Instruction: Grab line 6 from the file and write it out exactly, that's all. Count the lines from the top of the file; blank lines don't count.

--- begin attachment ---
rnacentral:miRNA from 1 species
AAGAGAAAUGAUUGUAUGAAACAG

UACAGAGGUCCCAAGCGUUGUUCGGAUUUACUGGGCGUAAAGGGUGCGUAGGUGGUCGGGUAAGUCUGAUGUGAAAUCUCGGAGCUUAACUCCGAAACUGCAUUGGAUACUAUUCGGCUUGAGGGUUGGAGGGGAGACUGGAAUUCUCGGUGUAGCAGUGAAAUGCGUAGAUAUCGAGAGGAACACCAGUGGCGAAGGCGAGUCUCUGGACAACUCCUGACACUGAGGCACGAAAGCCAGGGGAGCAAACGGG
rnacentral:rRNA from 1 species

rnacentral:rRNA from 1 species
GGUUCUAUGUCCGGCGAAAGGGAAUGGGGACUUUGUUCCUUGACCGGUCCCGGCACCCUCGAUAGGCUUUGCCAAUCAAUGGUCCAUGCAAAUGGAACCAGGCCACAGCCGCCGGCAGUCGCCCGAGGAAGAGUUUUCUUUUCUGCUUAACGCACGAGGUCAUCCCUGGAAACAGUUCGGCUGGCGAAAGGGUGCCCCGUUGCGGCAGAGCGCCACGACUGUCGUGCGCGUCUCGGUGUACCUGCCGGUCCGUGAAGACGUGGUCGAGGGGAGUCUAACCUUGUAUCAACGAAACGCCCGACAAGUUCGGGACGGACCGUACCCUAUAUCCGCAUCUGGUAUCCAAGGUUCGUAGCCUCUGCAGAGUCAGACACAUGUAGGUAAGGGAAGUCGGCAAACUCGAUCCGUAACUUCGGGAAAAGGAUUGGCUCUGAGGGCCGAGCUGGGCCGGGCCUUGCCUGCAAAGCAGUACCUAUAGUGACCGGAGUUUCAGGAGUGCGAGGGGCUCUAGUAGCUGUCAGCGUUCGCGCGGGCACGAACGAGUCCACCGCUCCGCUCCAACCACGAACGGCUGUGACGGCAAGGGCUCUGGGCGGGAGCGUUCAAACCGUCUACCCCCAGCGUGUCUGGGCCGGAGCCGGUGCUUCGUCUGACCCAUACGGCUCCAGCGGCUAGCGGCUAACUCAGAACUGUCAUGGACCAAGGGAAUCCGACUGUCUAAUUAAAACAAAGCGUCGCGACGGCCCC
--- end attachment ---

GGUUCUAUGUCCGGCGAAAGGGAAUGGGGACUUUGUUCCUUGACCGGUCCCGGCACCCUCGAUAGGCUUUGCCAAUCAAUGGUCCAUGCAAAUGGAACCAGGCCACAGCCGCCGGCAGUCGCCCGAGGAAGAGUUUUCUUUUCUGCUUAACGCACGAGGUCAUCCCUGGAAACAGUUCGGCUGGCGAAAGGGUGCCCCGUUGCGGCAGAGCGCCACGACUGUCGUGCGCGUCUCGGUGUACCUGCCGGUCCGUGAAGACGUGGUCGAGGGGAGUCUAACCUUGUAUCAACGAAACGCCCGACAAGUUCGGGACGGACCGUACCCUAUAUCCGCAUCUGGUAUCCAAGGUUCGUAGCCUCUGCAGAGUCAGACACAUGUAGGUAAGGGAAGUCGGCAAACUCGAUCCGUAACUUCGGGAAAAGGAUUGGCUCUGAGGGCCGAGCUGGGCCGGGCCUUGCCUGCAAAGCAGUACCUAUAGUGACCGGAGUUUCAGGAGUGCGAGGGGCUCUAGUAGCUGUCAGCGUUCGCGCGGGCACGAACGAGUCCACCGCUCCGCUCCAACCACGAACGGCUGUGACGGCAAGGGCUCUGGGCGGGAGCGUUCAAACCGUCUACCCCCAGCGUGUCUGGGCCGGAGCCGGUGCUUCGUCUGACCCAUACGGCUCCAGCGGCUAGCGGCUAACUCAGAACUGUCAUGGACCAAGGGAAUCCGACUGUCUAAUUAAAACAAAGCGUCGCGACGGCCCC